In their appeal submission the Property Trust appear to be claiming that the site at Freeman's Woods does not actually contain 'woodland' but merely 'scrub'.  As our many photos of the site taken in March show, a number of mature trees have recently been uprooted and chopped down, and many more remain.

See more images of the appalling mess made at Freeman's Woods and the debris-covered surrounding area, despite Tree Preservation Orders at: "Catastrophic damage to 'protected' Freeman's Wood - photos".

Appeal after quad bike theft in Galgate

Quad bike stolen from Chapel Lane, Galgate
Police are appealing for information after a quad bike was stolen from a house in Galgate, Lancaster.

It is believed the bike was taken sometime between 2.00pm on 4th April and 11.00am on 11th April from a property on Chapel Lane.

The bike had been stored in a large, locked shed in the rear garden of the property which the offenders have managed to break into, before sawing through a lock and chain securing the bike to the ground and pushing it through the garden and out on to the road.

PCSO for Ellel ward, Andy Garner said, “I would appeal to anyone with any information or to anyone who may have seen any suspicious activity in the area at all to come forward and contact police.”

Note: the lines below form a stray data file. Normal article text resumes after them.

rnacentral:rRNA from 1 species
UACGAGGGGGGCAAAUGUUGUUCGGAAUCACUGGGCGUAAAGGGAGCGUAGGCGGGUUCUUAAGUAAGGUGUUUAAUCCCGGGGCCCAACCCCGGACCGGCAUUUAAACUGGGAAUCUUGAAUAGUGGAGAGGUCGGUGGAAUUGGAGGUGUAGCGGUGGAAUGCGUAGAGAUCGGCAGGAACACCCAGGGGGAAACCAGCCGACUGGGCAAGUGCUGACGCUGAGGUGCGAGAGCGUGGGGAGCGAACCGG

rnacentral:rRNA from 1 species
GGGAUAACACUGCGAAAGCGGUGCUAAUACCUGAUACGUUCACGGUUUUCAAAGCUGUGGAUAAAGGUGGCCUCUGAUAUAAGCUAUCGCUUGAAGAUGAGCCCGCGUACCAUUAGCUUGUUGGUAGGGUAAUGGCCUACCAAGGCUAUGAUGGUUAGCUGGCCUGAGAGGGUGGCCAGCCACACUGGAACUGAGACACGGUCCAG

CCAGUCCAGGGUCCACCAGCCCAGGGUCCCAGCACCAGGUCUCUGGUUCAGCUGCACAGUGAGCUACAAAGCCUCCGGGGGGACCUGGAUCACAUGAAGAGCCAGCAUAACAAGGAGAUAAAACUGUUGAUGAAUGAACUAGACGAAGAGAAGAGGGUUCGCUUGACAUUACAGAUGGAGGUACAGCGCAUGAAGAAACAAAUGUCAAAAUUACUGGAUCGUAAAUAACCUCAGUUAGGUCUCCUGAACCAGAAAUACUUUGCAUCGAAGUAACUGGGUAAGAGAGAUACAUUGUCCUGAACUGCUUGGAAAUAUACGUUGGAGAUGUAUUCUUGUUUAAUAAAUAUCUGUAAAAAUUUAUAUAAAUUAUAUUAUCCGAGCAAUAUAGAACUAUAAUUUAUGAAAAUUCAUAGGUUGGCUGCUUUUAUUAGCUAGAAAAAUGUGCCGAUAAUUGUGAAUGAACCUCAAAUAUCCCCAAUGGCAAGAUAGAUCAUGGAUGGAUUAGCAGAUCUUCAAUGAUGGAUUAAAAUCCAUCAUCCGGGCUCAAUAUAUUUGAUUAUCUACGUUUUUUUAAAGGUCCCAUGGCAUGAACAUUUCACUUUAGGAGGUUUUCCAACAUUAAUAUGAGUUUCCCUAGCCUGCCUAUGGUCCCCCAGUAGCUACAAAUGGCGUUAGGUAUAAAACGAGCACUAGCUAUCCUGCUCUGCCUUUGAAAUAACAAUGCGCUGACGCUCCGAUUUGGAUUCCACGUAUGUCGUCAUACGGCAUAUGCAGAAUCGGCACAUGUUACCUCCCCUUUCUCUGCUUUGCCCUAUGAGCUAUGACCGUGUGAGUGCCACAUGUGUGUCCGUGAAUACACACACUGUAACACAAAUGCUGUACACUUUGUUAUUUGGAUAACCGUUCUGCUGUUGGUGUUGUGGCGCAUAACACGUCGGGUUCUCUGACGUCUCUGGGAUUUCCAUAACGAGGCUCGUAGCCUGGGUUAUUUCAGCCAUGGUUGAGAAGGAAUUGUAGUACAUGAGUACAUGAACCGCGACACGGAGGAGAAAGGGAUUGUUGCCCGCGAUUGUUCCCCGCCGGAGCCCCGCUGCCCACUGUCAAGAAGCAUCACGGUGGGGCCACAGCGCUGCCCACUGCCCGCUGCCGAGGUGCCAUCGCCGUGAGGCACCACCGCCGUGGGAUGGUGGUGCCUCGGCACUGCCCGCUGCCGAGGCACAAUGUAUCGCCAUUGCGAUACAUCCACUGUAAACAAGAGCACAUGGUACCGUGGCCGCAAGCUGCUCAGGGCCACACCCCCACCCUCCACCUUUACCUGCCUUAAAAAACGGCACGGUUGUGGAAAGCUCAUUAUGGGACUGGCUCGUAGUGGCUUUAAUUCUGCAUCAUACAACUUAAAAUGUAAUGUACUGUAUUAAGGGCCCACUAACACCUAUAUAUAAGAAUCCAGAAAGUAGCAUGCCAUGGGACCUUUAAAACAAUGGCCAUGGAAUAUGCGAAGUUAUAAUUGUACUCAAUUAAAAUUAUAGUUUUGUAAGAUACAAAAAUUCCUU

Anyone with any information can contact police by calling 101 and quoting log number LC-20120411-0641 or alternatively, information can be passed to the independent charity Crimestoppers anonymously on 0800 555 111 or on-line at No personal details are taken, information is not traced or recorded and you will not go to court?


Wednesday, 18 April 2012

Police continue search for night club attacker

Police are appealing for witnesses to come forward after a student was hit in the face by a bottle in a Lancaster nightclub.

The incident took place on the dance floor at Elements Nightclub around 1.45am on Saturday 28th January when the 18 year old victim was standing with friends within the top floor bar area of the nightclub.

The victim, who is a student at the University of Cumbria, suffered a deep laceration on her left cheek requiring several stitches and a black eye.

DC Ian Wright from Lancaster CID said: “I would appeal to anybody that was in Elements Nightclub on Friday 27th January, into the early hours of Saturday that may have witnessed a bottle being thrown across the dance floor to come forward.

“The dance floor was very busy and the irresponsible actions of this individual have caused serious injuries to a young girl who has been left deeply upset by this incident.”

Anyone with any information should call Lancashire Police on 101.

People with information can also contact the independent charity Crimestoppers anonymously on 0800 555 111 or on-line at No personal details are taken, information is not traced or recorded and you will not go to court.

Appeal after jogger is assaulted in Lancaster

Police are appealing for witnesses after a teenager was attacked in an unprovoked assault as he jogged to a friend’s house in Lancaster last month.

The 19 year old victim was jogging along Wingate Saul Road at 9.30pm on Saturday 31st March when he has approached by three teenage boys from the opposite direction.